“Cloudland,” the long last story in Sing to It, has the quality of an epic, and is, like much of Hempel’s work, narrated by a single woman on the run from failure and loss. “I remember thinking: There will come a time when I will not be thinking of this,” the first fragment reads. “And I was right. And I was wrong.” It is perhaps the one story in the collection a reviewer can spoil, so I’ll just say that the “this” the story thinks through has to do with a child the narrator long ago gave up for adoption. The reveal is slow and circuitous, delivered in Hempel’s characteristic fragments, simultaneously Delphic and self-deprecating:
I have heard jokes about impossible things to joke about: the Holocaust, AIDS, the attack on the Twin Towers. Shouldn’t I have heard a joke by now about what I did? Not to say it would be the equal of these horrors. Just that the joke, were there a joke to be made, would have been on me. Would have been at my expense. And rightly so.
In other fragments, we learn about her bumper sticker (“I BRAKE JUST LIKE A LITTLE GIRL”), the ramshackle house she rents in north Florida, and various local plants and snakes. We learn about the Victorian-style maternity home in Maine where she delivered, then gave up, her child, and we learn about “Cloudland,” a painting she owns of “four faceless girls in white dresses” fleeing a gathering storm. More images of girls in peril and ecological destruction mount, until the awful, unspoken thing finally demands to be said.
Like the best Hempel stories, “Cloudland” swallows female pain and speaks of it at the same time. It figures danger, failure, and grief as inescapable features of life, and of women’s lives in particular. And it’s not even especially depressing:
At a frozen yogurt place, I stood in line behind a woman holding a baby, about a year old, and dressed in a diaper. I watched as the mother carried the baby up to the flavor I planned to get, and coaxed the chubby fingers to touch the spouts where the yogurt came out, so the baby could feel the icy peaks of chocolate and vanilla left over from the last person who got some. I looked at the store attendant, like do something, but the attendant—a teenage girl in a uniform—smiled at the mother and the diapered baby. What the hell was wrong with them? Or what was wrong with me? No, what was wrong with them?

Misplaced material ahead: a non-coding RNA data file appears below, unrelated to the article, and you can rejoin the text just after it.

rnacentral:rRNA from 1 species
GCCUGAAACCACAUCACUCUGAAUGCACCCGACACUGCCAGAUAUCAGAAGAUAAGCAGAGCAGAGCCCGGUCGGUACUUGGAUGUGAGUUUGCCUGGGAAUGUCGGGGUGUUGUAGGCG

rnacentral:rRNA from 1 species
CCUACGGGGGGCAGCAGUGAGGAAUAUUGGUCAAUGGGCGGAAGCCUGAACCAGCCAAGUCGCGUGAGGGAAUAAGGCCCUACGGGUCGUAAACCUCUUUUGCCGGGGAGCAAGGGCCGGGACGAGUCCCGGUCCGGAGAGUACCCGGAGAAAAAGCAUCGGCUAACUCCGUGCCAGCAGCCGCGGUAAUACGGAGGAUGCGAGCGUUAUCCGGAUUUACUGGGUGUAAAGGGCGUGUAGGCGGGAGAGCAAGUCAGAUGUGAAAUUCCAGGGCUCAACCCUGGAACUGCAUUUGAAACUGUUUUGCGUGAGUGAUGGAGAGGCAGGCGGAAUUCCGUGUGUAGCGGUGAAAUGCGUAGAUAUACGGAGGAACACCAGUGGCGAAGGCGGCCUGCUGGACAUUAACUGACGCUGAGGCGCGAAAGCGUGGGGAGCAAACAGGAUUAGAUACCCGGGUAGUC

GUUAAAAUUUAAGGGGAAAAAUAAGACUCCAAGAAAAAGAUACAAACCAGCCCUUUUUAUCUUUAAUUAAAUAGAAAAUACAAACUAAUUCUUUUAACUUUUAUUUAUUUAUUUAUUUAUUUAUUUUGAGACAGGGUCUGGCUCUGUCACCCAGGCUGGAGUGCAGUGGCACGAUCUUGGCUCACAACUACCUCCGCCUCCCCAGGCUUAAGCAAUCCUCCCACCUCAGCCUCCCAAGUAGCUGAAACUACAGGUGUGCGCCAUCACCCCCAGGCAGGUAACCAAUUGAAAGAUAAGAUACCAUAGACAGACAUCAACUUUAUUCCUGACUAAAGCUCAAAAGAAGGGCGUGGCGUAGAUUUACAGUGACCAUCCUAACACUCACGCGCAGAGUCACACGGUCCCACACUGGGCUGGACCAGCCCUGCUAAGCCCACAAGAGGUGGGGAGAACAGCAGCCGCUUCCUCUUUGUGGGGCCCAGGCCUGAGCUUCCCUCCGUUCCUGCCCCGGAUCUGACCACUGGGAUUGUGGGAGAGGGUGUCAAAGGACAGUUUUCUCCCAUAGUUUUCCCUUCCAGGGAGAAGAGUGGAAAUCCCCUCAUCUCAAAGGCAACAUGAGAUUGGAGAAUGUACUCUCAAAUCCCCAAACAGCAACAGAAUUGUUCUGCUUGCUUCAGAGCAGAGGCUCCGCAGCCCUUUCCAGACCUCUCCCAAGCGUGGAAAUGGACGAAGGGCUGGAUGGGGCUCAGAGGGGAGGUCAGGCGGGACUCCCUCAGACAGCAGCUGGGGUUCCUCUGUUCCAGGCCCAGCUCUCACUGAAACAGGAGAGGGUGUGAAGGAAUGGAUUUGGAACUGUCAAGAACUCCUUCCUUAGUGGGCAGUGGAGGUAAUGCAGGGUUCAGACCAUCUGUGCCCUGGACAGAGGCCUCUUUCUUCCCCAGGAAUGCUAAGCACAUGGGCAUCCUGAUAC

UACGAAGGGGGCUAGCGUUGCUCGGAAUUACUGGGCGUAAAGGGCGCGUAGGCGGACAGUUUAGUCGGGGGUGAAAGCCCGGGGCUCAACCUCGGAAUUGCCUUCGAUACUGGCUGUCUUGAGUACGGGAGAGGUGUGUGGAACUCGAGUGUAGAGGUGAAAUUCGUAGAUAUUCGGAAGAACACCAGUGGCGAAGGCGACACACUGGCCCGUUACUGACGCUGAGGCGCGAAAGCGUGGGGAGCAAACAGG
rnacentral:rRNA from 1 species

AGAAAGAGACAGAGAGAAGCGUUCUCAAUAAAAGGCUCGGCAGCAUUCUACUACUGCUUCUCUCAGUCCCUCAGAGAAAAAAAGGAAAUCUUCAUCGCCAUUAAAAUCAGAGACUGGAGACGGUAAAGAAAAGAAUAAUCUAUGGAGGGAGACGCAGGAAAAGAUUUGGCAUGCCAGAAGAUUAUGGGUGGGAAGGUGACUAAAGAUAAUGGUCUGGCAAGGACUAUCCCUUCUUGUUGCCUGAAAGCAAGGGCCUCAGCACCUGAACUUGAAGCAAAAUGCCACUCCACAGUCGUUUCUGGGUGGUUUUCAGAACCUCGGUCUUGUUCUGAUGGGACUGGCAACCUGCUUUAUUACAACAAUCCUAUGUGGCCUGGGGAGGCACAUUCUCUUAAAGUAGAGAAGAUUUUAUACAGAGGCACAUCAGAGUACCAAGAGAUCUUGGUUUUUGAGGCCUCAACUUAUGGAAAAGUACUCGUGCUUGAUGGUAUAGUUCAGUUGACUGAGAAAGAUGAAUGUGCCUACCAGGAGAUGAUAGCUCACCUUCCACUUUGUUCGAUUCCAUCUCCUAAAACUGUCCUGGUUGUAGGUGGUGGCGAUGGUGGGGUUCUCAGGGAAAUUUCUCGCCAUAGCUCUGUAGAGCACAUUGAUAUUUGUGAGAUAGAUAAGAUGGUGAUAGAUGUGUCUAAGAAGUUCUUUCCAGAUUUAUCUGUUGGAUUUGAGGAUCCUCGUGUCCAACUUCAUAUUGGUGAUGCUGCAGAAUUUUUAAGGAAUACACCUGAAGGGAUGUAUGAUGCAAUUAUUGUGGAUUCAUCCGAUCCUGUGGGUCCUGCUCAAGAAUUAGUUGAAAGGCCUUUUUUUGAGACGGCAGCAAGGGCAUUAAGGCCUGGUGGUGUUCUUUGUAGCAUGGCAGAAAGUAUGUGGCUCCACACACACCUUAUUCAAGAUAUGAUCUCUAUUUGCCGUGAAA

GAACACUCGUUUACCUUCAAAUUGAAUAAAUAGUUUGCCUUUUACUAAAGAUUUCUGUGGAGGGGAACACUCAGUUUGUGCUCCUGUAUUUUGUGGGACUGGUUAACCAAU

This is a Hempel narrator, after all: dreamy, quick-witted, toggling between tenderness, irony, and rage. She fantasizes about alternate lives and indicts the responsible parties, but without ever letting herself off the hook. Ultimately, “Cloudland” is a portrait of a woman’s pain, a story that actually seems to live in that pain: the constant presence of it, but also the casual resilience it demands.
The narrator of “Cloudland” is a former schoolteacher and current home health aide. Another narrator works at a shelter that euthanizes dogs. These jobs are not incidental; Hempel understands care-giving as a means of survival and even regeneration. In “Fort Bedd,” the narrator dreams of reforestation while caring for her dying partner, fantasizing she’ll “Plant windbreak, woods, a forest, a glen.” These women continue to work and think and joke, even in the face of unbearable realities—that we’ve plundered our planet, that we’ll lose our families—and they do so in a language that reminds us of our smallness, challenging the notion that we’re the heroes of our own lives.
Consider the title story. Running only a half-page, “Sing to It” is another paean to a dying friend:
At the end, he said, No metaphors! Nothing is like anything else. Except he said to me before he said that, Make your hands a hammock for me. So there was one.
It’s the very first paragraph of the collection, telling us, immediately, that we won’t escape loss. Nor does this narrator flee. Instead, she manages, as so many Hempel narrators have done since “Al Jolson,” to provide the care that’s needed. She makes her hands a hammock—“My arms the trees”—and calls up an Arab proverb: “When danger approaches, sing to it.” There’s nothing especially heroic happening here, and there’s plenty that Hempel leaves out—the man’s affliction, the nature of their relationship, the narrator’s grief. What we get, instead, is a woman intimate with danger, accepting it, and offering her own metaphor for living through it, crafted from the smallest, strongest words.